"The fear of God is taken two ways. Either for that natural and inward worship of God, and so the fear of God is a holy filial affection, awing the whole man to obey the whole will of God; That is fear as it is an affection. Or the fear of God is put for the external or instituted worship of God. So that a man fearing God is as much as this: a man worshipping God according to His own Will, or according to His mind and direction. Now when as Job is said to be a man fearing God, you must take it both ways; He had that holy affection of fear with which we must worship God, (as we are taught, Heb. 12:28. Let us have grace whereby we may serve God with reverence and godly fear; and serve the Lord with fear and rejoice before Him with trembling, Ps. 2. Fear is that affection with which we must worship and serve God.)And Job likewise did perform that worship to God which He required, that is called fear, and the exercising of it fearing God. Fearing God is worshipping God. As you may see clearly by two texts of Scripture compared together. In the fourth of Matthew, verse 10, Christ saith to the Devil, It is written thou shalt worship the Lord thy God and Him only thou shalt serve; Compare this with Deut. 6:13, and there you shall have it thus expressed, Thou shalt fear the Lord thy God; That which in the one place is worship, in the other is fear." (p 27, vol. 1, Joseph Caryl, Exposition of Job)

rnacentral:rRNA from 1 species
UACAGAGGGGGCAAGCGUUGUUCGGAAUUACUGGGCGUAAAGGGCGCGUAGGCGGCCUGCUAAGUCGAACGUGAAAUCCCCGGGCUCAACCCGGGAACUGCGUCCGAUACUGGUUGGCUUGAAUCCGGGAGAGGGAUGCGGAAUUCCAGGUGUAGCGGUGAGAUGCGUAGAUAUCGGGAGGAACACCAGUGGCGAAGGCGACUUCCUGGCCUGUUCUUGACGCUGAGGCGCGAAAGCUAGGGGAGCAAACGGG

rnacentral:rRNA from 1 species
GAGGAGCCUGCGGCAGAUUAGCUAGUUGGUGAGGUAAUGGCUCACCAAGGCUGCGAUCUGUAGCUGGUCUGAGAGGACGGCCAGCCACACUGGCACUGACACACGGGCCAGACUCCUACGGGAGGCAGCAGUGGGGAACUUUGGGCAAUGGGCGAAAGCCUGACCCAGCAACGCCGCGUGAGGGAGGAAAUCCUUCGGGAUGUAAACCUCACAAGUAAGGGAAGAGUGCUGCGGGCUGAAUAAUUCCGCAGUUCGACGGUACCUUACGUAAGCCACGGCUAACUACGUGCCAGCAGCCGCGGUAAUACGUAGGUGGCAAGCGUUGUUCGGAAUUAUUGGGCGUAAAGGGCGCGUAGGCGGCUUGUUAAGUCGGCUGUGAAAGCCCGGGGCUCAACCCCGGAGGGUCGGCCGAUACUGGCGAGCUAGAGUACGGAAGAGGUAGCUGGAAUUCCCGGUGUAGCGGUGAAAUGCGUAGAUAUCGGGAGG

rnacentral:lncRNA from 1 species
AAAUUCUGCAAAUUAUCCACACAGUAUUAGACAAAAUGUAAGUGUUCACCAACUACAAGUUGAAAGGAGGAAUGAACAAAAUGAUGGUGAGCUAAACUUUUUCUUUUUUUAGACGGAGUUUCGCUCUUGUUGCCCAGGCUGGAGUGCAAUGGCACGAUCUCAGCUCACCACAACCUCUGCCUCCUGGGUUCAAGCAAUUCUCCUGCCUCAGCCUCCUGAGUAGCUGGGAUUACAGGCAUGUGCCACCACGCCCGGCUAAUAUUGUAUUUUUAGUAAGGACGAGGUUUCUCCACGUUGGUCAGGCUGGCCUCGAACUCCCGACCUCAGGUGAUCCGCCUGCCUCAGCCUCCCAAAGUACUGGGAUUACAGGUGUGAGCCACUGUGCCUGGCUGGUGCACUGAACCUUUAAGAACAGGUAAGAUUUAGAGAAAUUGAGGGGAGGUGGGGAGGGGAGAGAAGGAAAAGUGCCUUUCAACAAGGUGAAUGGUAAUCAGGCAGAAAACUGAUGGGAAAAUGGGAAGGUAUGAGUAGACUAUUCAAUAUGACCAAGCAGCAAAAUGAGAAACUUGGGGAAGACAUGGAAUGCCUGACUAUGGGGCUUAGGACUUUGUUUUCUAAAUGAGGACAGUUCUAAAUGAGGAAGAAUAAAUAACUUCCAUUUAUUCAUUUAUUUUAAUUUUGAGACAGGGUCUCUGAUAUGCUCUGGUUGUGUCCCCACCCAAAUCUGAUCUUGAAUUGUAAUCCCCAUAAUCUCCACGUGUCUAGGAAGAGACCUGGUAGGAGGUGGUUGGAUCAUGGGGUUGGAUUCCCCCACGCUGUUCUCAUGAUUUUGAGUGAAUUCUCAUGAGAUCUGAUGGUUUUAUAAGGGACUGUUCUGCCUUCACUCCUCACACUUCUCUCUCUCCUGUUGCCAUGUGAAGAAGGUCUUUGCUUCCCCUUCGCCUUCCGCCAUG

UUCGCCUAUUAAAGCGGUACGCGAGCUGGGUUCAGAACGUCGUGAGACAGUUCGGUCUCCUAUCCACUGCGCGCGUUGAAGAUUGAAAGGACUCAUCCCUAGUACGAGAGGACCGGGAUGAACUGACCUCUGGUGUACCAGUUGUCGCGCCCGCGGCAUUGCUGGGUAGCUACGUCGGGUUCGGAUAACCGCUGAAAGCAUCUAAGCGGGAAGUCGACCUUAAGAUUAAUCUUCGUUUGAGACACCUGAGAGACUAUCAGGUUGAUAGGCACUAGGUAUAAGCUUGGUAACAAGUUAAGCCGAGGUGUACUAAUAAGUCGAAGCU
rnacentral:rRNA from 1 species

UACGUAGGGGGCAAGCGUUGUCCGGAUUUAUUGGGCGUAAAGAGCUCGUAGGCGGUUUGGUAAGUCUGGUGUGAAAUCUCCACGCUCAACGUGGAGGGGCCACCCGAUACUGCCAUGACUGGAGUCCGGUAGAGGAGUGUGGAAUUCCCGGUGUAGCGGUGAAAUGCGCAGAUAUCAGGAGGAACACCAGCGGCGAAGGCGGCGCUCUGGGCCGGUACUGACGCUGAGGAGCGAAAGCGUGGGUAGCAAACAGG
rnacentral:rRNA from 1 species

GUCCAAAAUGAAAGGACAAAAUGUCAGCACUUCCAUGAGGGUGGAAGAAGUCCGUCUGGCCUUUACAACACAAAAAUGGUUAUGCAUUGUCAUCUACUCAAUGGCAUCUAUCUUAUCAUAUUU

I wonder what would happen to modern worship practice if we replaced "worship" with "fear", and understood the deep connection between the verbs? The tone of so much modern "worship" is SO far away from the concept of a holy fear of God that I shouldn't be surprised if someone would face immediate ostracism who suggested that fearing God was incumbent upon His people and that we should therefore worship Him with an attitude that is consistent with that fear. Yet this is what Scripture clearly calls us to in many, many places - to worship God in Holy fear. Where has fear gone in the average evangelical church?
When worship is described as "healthy and vibrant", it seems to me what is being described is an activity characterized primarily by happiness and joy. But these emotions are hardly the only ones fit for the presence of God in worship... and they certainly are improper if they are not always joined with a Holy awe, reverence and fear of the Most High God. I doubt most contemporary music fits the bill in this way - and most people whose key criterion in worship is that it be "vibrant" probably wouldn't want to worship in a church that had a "Lament Band" alongside their "Praise Band". Given that many of the psalms are just that - laments for the people of God - I would argue that a church that has a Praise band that plays only upbeat "vibrant" praise music is missing the boat bigtime. (for those more familiar with the range of contemporary worship music than I am, is there anything in the modern repertoire that comes anywhere near the lamentful songs of Ps. 80, 83, 85, or others of this kind???)
I don't say this in a snide manner, but in a sorrowful one. Yes, indeed, praise is fit for God - but that is hardly the only proper context for worship song, just as 'happiness and joy' are hardly the only proper emotions for His worshipers to have as they worship Him.